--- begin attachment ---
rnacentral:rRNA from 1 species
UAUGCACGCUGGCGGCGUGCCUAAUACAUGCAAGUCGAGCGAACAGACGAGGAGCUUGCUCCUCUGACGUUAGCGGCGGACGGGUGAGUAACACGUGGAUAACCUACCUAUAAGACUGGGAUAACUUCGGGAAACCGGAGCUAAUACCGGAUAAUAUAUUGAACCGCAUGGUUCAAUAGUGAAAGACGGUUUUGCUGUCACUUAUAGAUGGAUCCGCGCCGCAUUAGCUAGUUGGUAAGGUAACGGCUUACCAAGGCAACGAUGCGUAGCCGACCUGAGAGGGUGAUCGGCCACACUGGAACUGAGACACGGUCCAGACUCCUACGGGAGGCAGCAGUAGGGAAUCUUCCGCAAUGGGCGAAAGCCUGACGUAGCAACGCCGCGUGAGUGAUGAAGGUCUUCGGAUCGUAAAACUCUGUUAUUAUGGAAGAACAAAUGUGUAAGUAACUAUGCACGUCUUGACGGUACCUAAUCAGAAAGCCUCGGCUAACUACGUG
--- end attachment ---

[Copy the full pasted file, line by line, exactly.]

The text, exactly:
rnacentral:rRNA from 1 species
UAUGCACGCUGGCGGCGUGCCUAAUACAUGCAAGUCGAGCGAACAGACGAGGAGCUUGCUCCUCUGACGUUAGCGGCGGACGGGUGAGUAACACGUGGAUAACCUACCUAUAAGACUGGGAUAACUUCGGGAAACCGGAGCUAAUACCGGAUAAUAUAUUGAACCGCAUGGUUCAAUAGUGAAAGACGGUUUUGCUGUCACUUAUAGAUGGAUCCGCGCCGCAUUAGCUAGUUGGUAAGGUAACGGCUUACCAAGGCAACGAUGCGUAGCCGACCUGAGAGGGUGAUCGGCCACACUGGAACUGAGACACGGUCCAGACUCCUACGGGAGGCAGCAGUAGGGAAUCUUCCGCAAUGGGCGAAAGCCUGACGUAGCAACGCCGCGUGAGUGAUGAAGGUCUUCGGAUCGUAAAACUCUGUUAUUAUGGAAGAACAAAUGUGUAAGUAACUAUGCACGUCUUGACGGUACCUAAUCAGAAAGCCUCGGCUAACUACGUG